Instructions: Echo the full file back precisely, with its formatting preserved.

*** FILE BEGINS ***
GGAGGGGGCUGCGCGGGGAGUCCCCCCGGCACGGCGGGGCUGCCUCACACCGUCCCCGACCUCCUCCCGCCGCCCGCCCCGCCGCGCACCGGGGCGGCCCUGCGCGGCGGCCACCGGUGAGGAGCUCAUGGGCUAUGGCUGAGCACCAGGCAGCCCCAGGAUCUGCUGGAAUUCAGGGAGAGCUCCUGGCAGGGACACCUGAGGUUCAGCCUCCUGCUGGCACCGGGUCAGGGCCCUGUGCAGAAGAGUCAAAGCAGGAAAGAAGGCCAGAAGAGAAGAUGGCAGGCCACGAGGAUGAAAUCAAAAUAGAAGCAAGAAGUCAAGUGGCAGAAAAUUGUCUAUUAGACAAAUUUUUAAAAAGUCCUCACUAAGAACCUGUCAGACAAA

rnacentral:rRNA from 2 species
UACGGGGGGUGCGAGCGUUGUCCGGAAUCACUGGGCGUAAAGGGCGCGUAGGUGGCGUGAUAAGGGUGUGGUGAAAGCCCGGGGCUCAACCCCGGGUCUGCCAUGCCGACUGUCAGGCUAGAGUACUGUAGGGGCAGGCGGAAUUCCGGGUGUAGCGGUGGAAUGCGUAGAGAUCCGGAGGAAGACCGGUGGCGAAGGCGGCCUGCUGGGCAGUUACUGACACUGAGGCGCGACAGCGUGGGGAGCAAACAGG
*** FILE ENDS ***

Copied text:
GGAGGGGGCUGCGCGGGGAGUCCCCCCGGCACGGCGGGGCUGCCUCACACCGUCCCCGACCUCCUCCCGCCGCCCGCCCCGCCGCGCACCGGGGCGGCCCUGCGCGGCGGCCACCGGUGAGGAGCUCAUGGGCUAUGGCUGAGCACCAGGCAGCCCCAGGAUCUGCUGGAAUUCAGGGAGAGCUCCUGGCAGGGACACCUGAGGUUCAGCCUCCUGCUGGCACCGGGUCAGGGCCCUGUGCAGAAGAGUCAAAGCAGGAAAGAAGGCCAGAAGAGAAGAUGGCAGGCCACGAGGAUGAAAUCAAAAUAGAAGCAAGAAGUCAAGUGGCAGAAAAUUGUCUAUUAGACAAAUUUUUAAAAAGUCCUCACUAAGAACCUGUCAGACAAA

rnacentral:rRNA from 2 species
UACGGGGGGUGCGAGCGUUGUCCGGAAUCACUGGGCGUAAAGGGCGCGUAGGUGGCGUGAUAAGGGUGUGGUGAAAGCCCGGGGCUCAACCCCGGGUCUGCCAUGCCGACUGUCAGGCUAGAGUACUGUAGGGGCAGGCGGAAUUCCGGGUGUAGCGGUGGAAUGCGUAGAGAUCCGGAGGAAGACCGGUGGCGAAGGCGGCCUGCUGGGCAGUUACUGACACUGAGGCGCGACAGCGUGGGGAGCAAACAGG